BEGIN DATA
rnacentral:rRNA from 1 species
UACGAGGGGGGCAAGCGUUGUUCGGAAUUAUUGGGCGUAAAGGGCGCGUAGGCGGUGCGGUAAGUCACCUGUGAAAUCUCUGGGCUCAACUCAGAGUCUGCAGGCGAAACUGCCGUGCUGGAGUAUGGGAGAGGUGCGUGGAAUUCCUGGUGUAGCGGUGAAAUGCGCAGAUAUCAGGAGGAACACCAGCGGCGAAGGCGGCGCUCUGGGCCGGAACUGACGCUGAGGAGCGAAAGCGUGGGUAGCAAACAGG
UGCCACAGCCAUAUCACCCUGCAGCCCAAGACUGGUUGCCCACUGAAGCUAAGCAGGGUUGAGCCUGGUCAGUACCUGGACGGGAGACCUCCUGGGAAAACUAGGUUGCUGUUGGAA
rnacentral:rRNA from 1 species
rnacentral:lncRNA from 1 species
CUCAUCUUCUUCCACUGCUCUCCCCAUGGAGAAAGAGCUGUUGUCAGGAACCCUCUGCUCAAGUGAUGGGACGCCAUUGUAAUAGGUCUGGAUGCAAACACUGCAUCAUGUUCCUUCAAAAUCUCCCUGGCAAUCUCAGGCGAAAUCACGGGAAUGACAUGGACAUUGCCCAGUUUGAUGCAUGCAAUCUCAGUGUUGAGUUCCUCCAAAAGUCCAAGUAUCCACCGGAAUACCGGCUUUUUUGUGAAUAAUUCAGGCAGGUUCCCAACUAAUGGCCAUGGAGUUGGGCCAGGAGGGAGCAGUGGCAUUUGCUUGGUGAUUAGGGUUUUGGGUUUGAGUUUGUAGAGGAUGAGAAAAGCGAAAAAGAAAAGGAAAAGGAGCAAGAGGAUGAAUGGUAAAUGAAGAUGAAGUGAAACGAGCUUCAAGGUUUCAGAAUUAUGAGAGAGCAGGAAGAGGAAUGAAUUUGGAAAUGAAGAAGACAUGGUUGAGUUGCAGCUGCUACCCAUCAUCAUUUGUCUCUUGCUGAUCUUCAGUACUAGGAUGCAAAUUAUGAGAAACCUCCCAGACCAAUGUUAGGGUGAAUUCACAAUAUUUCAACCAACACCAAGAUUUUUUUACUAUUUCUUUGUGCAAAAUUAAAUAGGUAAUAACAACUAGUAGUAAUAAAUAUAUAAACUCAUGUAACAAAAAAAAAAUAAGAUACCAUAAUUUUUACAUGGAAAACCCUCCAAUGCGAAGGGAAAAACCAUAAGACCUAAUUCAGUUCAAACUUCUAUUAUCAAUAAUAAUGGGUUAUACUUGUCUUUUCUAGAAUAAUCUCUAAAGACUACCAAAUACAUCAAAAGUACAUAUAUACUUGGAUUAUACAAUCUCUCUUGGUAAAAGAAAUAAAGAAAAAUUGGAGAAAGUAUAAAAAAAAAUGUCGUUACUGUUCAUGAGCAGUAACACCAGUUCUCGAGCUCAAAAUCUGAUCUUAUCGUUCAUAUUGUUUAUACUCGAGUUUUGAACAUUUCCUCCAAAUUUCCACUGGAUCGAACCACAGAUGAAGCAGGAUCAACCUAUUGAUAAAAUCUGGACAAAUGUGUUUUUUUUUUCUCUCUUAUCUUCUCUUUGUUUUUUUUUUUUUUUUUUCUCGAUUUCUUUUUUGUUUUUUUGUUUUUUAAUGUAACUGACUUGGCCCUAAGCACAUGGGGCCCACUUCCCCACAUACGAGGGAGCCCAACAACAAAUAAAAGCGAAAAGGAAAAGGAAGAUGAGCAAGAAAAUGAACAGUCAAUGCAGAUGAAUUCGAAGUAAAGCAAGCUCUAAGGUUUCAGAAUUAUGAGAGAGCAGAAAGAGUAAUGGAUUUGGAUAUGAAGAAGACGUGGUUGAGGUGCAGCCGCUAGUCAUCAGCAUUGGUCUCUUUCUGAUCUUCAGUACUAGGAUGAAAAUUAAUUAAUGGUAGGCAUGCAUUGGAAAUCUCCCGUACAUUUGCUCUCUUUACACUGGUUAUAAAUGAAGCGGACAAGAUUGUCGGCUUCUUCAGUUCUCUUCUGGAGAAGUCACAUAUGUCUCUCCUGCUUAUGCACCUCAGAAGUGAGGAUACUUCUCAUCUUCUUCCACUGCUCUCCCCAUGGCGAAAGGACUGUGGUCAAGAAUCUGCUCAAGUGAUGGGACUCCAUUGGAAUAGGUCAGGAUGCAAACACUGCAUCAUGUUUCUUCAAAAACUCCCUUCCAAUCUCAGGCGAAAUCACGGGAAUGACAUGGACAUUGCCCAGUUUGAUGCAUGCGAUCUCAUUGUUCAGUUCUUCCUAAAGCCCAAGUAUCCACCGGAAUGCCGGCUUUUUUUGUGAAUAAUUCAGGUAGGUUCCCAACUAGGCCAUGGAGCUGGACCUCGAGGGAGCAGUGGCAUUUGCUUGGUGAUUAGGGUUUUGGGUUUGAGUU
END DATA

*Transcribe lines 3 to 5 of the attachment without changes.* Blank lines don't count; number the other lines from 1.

UGCCACAGCCAUAUCACCCUGCAGCCCAAGACUGGUUGCCCACUGAAGCUAAGCAGGGUUGAGCCUGGUCAGUACCUGGACGGGAGACCUCCUGGGAAAACUAGGUUGCUGUUGGAA
rnacentral:rRNA from 1 species
rnacentral:lncRNA from 1 species